10. A control system as set forth in claim 9 wherein means are provided for generating a first ramp selection signal and means are provided for generating a second ramp selection signal corresponding to fast and normal speed/load change rates, and means are provided for controlling said ramp generator to generate its output in accordance with the first ramp or the second ramp according to whether the first ramp generating means or the second ramp generating means is actuated.
11. A control signal as set forth in claim 8 wherein said fuel demand limiting means includes a temperature limit control which generates a temperature limit control signal, and means are connected in the control channel between said speed/load control and said fuel control means to limit the output of said speed/load control to the value of the temperature limit control signal when the latter becomes lower than the fuel demand signal based on the speed/load demand.
12. A control system as set forth in claim 11 wherein means are provided in the forward control channel to limit the fuel demand signal to predetermined high and low limits.
Reference is made to the following U.S. Pat. applications:
1. Ser. No. 399,790, filed on Sept. 21, 1973 by L. F. Martz, R.W. Kiscaden and R. Uram, entitled "An Improved Gas Turbine And Steam Turbine Combined Cycle Electric Power Generating Plant Having A Coordinated And Hybridized Control System And An Improved Factory Based Method For Making And Testing Combined Cycle And Other Power Plants And Control Systems Therefor", assigned to the present assignee and hereby incorporated by reference.
2. Ser. No. 319,114, filed by T. Giras and J. Reuther on Dec. 29, 1972 as a continuation of an earlier filed application Ser. No. 082,470, entitled "An Improved System And Method For Operating Industrial Gas Turbine Apparatus And Gas Turbine Electric Power Plants Preferably With A Digital Computer Control System" and assigned to the present assignee, and related cases referred to therein.
3. Ser. No. 371,625, filed on June 20, 1973 by R. Yannone and R. A. Shields, entitled "Gas Turbine Power Plant Control Apparatus Having A Multiple Backup Control System", and assigned to the present assignee, and related cases referred to therein.
4. Ser. No. 495,795, now U.S. Pat. No. 3,898,113 filed concurrently herewith by Lyle F. Martz and Richard J. Plotnick, entitled "Combined Cycle Electric Power Plant Having A Control System Which Enables Dry Steam Generator Operation During Gas Turbine Operation", assigned to the present assignee and hereby incorporated by reference.
The present invention relates to combined cycle electric power plants and more particularly to improved gas turbine speed/load controls especially useful in backup controllers in combined cycle electric power plants.
In the operation of combined cycle and other gas turbine plants having an automatic control, it is desirable that a backup control be provided for the primary automatic control so as to improve the operating availability of the electric power generating plant. In a coassigned and copending patent application Ser. No. 476,182 filed by R. Yannone et al on June 4, 1974, there is disclosed a backup control for a digital computer automatic control like that disclosed in the previously referenced copending patent application Ser. No. 319,144.
Generally, in the startup of a gas turbine, it is desirable to control the fuel flow to reach synchronous speed rapidly without exceeding equipment design limits and particularly without exceeding blade path or exhaust temperature limits and without entering a surge condition. After synchronization, the fuel flow is controlled to generate demand load where load control is provided or to generate a resulting load where blade path or exhaust temperature limit control is employed.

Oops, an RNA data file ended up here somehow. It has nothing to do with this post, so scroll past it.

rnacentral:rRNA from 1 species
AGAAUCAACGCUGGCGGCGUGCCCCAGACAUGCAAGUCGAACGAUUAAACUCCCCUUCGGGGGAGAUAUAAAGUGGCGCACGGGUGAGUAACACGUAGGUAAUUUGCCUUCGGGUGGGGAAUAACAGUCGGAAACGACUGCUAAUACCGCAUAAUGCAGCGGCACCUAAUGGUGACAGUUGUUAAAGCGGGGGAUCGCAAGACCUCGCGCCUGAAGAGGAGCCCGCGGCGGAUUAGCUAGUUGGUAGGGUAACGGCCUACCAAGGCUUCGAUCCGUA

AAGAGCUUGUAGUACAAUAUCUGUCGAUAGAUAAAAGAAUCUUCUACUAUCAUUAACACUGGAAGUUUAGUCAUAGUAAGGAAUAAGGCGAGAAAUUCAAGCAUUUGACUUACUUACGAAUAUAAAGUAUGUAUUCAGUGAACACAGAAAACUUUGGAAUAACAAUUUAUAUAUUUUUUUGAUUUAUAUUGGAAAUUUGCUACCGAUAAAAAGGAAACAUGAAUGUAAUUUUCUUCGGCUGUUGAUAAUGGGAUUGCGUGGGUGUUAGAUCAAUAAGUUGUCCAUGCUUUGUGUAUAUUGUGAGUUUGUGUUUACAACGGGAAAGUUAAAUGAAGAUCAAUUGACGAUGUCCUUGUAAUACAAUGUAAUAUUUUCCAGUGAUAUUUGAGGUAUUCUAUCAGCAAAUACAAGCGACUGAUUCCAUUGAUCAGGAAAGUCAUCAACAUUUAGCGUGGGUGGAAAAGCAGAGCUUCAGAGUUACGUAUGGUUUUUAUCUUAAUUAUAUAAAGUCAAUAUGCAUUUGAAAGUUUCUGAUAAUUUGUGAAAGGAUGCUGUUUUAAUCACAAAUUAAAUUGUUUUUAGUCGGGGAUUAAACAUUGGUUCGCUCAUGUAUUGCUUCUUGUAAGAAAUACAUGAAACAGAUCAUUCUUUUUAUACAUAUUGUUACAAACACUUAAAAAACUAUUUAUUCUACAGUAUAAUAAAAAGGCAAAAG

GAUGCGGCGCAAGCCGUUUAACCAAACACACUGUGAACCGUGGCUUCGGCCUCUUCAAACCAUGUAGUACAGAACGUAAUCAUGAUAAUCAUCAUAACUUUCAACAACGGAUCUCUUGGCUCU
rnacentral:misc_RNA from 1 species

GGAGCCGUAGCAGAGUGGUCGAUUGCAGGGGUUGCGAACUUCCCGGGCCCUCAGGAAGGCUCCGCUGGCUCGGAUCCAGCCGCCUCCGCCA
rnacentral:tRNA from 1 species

In startup and load control, it is desirable that backup/primary control transfers be made bumplessly. Further, it is desirable that the backup control be economic yet reliable and sufficiently functional to provide the operator with safe and flexible control over the turbine and the power generating plant either on selection of the backup control mode or on automatic rejection to the backup control mode. In combined cycle plants, it is especially desirable that gas turbine availability be high and that backup control be reliable because of the dependence of the plant on the gas turbine heat supply.
Loft U.S. Pat. No. 3,520,133 shows a feedforward startup control as part of an automatic control of the analog electropneumatic type. The aforementioned Ser. No. 319,114 employs feedforward speed reference generation for a speed feedback control loop in a digital/analog hybrid gas turbine control. In the related steam turbine art, feedforward control has been employed in the forward generation of throttle valve position references as in Eggenberger U.S. Pat. No. 3,097,488 and the forward generation of throttle and governor valve position references as in a copending and coassigned patent application Ser. No. 319,115 entitled "Improved System And Method For Operating A Steam Turbine And An Electric Power Generating Plant" filed by T. Giras et al on Dec. 29, 1972 as a continuation of earlier filed applications, and another copending and coassigned U.S. Pat. application Ser. No. 408,962 entitled "Improved System And Method For Starting, Synchronizing And Operating A Steam Turbine With Digital Computer Control" and filed as a continuation of an earlier filed application by T. Giras et al on Oct. 23, 1973. However, there is no known prior disclosure of the application of feedforward control principles in the provision of reliable, safe, flexible and multi-functional backup control for combined cycle and other gas turbine electric power plants.
The description of prior art herein is made on good faith and no representation is made that any prior art considered is the best pertaining prior art nor that the interpretation placed on its is unrebuttable.